The Federal Reserve should halt its interest-rate hikes until it gets a better idea of where the economy is headed, the president of the Dallas Fed said Thursday.
Dallas Fed President Robert Kaplan told Bloomberg that slowing global growth, weakness in interest-rate-sensitive industries and tightening financial conditions – including a steep stock-market decline – mean that the central bank should hold off on further increases for now.
“I think those three issues are affecting the market, but they’re also affecting my thinking about monetary policy,” Kaplan said. “It’s gonna take some time to see the depth and breadth of those three issues.”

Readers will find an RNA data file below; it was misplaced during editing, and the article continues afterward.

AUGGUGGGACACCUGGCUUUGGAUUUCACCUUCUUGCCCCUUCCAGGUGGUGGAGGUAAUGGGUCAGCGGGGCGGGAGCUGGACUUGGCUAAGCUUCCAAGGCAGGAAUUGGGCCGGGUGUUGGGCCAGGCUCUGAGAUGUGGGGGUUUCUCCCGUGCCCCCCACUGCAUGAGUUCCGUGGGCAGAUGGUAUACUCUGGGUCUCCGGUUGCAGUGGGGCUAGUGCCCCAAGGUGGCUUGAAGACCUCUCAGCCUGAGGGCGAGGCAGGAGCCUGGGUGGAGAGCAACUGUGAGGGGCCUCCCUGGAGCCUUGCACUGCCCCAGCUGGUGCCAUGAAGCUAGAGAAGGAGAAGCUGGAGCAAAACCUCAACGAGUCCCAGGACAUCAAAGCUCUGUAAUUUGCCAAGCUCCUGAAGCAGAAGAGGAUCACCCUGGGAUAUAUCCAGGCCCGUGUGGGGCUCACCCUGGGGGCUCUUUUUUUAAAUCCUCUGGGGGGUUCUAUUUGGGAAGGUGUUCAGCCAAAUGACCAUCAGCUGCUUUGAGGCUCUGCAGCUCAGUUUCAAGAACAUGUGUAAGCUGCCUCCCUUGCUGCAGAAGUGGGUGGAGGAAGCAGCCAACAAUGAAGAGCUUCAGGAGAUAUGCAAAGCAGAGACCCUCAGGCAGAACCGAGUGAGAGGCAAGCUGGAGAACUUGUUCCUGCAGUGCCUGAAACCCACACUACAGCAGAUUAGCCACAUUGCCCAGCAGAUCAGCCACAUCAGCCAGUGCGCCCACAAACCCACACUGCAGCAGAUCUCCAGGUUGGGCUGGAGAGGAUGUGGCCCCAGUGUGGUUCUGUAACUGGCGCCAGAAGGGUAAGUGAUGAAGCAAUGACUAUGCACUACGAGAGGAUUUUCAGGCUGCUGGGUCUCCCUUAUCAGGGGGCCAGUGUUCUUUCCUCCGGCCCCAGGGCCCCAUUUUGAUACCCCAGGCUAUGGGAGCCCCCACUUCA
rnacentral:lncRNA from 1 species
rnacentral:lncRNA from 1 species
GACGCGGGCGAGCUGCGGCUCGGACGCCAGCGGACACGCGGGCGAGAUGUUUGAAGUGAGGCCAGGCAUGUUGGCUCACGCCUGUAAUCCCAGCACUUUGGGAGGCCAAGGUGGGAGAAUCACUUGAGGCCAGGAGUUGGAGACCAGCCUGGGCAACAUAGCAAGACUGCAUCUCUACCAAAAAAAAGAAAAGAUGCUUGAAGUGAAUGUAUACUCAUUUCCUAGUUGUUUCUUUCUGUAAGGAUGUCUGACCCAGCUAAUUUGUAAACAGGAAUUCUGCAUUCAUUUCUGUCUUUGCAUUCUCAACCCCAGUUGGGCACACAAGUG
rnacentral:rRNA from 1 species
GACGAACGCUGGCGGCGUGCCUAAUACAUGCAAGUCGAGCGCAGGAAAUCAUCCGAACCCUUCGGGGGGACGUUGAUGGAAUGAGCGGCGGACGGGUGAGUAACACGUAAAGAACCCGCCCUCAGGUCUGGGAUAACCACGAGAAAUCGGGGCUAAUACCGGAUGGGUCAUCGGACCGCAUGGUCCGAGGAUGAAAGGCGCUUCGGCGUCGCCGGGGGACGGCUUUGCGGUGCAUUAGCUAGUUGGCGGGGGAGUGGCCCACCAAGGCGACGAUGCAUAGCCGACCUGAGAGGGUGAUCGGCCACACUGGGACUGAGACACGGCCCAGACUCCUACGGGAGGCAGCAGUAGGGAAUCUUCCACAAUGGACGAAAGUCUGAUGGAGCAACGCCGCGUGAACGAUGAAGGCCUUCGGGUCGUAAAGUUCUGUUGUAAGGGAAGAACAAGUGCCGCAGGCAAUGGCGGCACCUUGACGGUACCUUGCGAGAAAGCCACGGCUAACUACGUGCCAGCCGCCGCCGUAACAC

The Fed hiked rates four times last year, with the last hike coming just two weeks ago. The December rate increase came in spite of indications that the US economy is weakening and a slowing stock market. The Fed indicated that two more increases are likely in 2019 – but market analysts don’t think that will happen, according to a CNBC report. Markets are pricing in less than a 10% chance of a hike before the end of the year.
“My own view is we shouldn’t take any further action on interest rates until these issues are resolved for better or for worse,” Kaplan told Bloomberg. “So I would be an advocate of taking no action, for example, in the first couple of quarters of this year.”
Kaplan is a nonvoting member of the Federal Open Market Committee, the central bank’s policymaking body.